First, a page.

I fell into a conversation with a couple from Yorkshire who said they had taught themselves Welsh, entirely from books. The man, who had retired from teaching after 42 years said he didn’t believe in classrooms. “They’re full of people who know as little or less about the subject than you,” he told me. “Why did you want to learn Welsh?” I asked. “It’s a fascinating language,” he replied. “It has borrowed so many words from so many places, from Latin, and medieval English amongst others, words that no longer exist in the English language today.”
One man from Texas told me he was fulfilling a lifetime’s ambition by finally managing to attend the Eisteddfod. Another from Australia insisted that Australians had been first in Patagonia, and nothing I said was able to dissuade him.
Occasionally I get to slip away from our stall to investigate other parts of the Maes. A favourite stopping place is the clutch of bookshops that decamp from Blaenau Ffestiniog, Aberystwyth and Swansea each year to present a 19th Century face to the Eisteddfod world. Much of the contents of their shelves seem to come from a hundred years ago as well, and seem to be constantly replenished with the same titles year after year.
And, quite apart from what goes on in the big tent, which I never get near to, there’s a constant round of lectures and meetings on every topic under the sun. I promise myself that once my IWA days are over I’ll attend the Maes as a casual visitor able to take in these delights on a systematic basis. This year I only managed to get to two events, apart from the IWA’s own annual lecture, with Aled Roberts AM on Border Politics in North East Wales, and our debate on Broadcasting in Wales – a crisis in two languages. The first, organised by the Law Society, was a discussion about the case for a Welsh jurisdiction with the solicitor and crowned bard Emyr Lewis and Professor Thomas Watkin, Emeritus Professor of Law at Bangor University and the National Assembly’s first Welsh Legislative Counsel. I hope we’ll be hearing more from them in the pages of Agenda.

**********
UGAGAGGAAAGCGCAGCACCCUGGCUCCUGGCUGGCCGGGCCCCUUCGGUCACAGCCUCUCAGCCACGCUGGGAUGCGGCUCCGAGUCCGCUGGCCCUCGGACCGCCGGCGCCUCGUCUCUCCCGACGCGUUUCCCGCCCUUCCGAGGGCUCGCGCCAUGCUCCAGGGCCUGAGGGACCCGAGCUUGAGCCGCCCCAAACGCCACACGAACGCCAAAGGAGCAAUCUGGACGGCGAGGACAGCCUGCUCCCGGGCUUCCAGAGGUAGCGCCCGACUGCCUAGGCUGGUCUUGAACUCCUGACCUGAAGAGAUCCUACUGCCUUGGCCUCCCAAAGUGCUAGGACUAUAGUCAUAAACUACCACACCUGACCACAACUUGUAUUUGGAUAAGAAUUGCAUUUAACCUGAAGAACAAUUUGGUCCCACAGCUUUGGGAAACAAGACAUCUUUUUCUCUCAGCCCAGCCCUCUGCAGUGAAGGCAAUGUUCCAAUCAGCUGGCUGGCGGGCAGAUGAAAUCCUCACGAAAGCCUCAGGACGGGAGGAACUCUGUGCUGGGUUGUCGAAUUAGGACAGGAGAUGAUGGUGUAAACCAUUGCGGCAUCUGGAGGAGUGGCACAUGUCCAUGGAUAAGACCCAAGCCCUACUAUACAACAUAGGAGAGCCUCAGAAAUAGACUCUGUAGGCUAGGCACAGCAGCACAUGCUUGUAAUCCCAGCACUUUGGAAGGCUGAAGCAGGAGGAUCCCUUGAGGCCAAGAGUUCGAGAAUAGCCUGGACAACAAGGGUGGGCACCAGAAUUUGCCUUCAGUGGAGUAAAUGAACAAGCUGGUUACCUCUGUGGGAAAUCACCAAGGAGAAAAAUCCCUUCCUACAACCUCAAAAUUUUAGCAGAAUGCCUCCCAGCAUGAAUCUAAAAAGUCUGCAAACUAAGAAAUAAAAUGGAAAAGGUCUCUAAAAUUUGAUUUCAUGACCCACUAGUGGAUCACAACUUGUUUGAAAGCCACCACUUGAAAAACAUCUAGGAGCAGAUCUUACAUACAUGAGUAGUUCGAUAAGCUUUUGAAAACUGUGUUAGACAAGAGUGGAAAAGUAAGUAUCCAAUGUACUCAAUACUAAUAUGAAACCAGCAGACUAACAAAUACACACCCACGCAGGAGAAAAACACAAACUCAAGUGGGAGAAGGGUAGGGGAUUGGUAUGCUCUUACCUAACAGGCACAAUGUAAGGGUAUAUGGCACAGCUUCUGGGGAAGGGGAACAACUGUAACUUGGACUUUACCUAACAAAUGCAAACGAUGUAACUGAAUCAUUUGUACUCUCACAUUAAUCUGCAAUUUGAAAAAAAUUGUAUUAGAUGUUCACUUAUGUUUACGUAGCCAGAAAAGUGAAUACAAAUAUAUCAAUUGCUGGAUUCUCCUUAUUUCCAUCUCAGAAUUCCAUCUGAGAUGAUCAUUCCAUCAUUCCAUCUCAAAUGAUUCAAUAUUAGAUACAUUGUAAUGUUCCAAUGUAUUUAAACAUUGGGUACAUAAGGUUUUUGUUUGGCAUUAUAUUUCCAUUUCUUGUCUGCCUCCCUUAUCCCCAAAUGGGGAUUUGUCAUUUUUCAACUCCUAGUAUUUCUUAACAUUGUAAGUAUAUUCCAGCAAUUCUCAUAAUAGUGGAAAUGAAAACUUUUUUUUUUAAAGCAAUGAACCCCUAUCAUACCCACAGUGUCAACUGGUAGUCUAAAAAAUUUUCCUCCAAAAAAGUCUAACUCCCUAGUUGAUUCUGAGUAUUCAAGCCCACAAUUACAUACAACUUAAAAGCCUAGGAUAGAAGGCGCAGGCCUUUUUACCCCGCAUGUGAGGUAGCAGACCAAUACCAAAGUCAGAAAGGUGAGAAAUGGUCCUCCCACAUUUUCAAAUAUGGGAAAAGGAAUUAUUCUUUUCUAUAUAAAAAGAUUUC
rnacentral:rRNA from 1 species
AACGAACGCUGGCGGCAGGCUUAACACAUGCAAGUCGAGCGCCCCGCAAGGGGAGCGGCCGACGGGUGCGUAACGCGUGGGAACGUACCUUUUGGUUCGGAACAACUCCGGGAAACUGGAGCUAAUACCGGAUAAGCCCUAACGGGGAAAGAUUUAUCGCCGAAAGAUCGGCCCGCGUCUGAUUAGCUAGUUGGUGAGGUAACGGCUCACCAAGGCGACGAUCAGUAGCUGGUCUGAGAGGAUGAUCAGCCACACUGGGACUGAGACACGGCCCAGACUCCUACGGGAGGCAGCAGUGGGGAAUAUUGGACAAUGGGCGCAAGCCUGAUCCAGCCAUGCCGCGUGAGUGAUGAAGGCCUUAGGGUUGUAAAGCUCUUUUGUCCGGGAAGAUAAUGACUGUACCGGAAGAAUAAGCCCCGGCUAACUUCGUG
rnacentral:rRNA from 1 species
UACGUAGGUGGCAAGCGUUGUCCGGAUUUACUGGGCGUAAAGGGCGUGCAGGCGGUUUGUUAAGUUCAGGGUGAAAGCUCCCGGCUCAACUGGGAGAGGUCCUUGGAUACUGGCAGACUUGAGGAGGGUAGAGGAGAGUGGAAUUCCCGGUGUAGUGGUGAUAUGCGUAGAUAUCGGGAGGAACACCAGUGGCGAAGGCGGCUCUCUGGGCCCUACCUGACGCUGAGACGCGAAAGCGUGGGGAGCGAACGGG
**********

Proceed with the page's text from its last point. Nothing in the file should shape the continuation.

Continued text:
But the most moving and remarkable experience was watching a short film about Tryweryn in the Arts and craft pavilion, made in the early 1960s by pupils from Friars secondary school in Bangor. Part of a haunting exhibition Without Words, it was grainy, slow-moving garish Kodachrome colour footage telling the story of how the people of Capel Celyn were removed from their homes in the early 1960s to make way for a reservoir to provide water to Liverpool. “Water knows no boundaries’ was its banal but provocative title. It is interspersed with still black and white prints by the photographer Geoff Charles whose son – a pupil at Friars School at the time – worked as a cameraman on the film. Together with newspaper images from the period the whole combines to convey a mesmerising, rather unnerving glimpse of one of the seminal stories of modern Wales.
But the most lasting and teeth grating impression comes from the voice-over, delivered in clipped received English pronunciation by strangely – since this was a boys’ school – a girl’s voice. She could have been delivering the Queen’s Christmas Day message. The script is even handed to both Liverpool Corporation which, of course, needed the water, and to the plight of the villagers. You can see how the outside world at the time – and this included Friars School – simply had no moral compass when it came to comprehending a predicament such as this. The accent, now part of that grainy sepia world of 20th Century England and Wales, up to somewhere in the 1970s, also tells you how Tryweryn could happen in such a top-down deferential class-ridden culture.
Above all, in this 150th Eisteddfod the weather was kind. Most days it was warm, if a bit humid and there were only occasional showers to remind us of an outside world threatened with financial collapse. Long may the Eisteddfod continue to provide us with memories, stimulating conversations, cultural wonderment, and the whole array of diverse pleasures that make up our resourceful small country.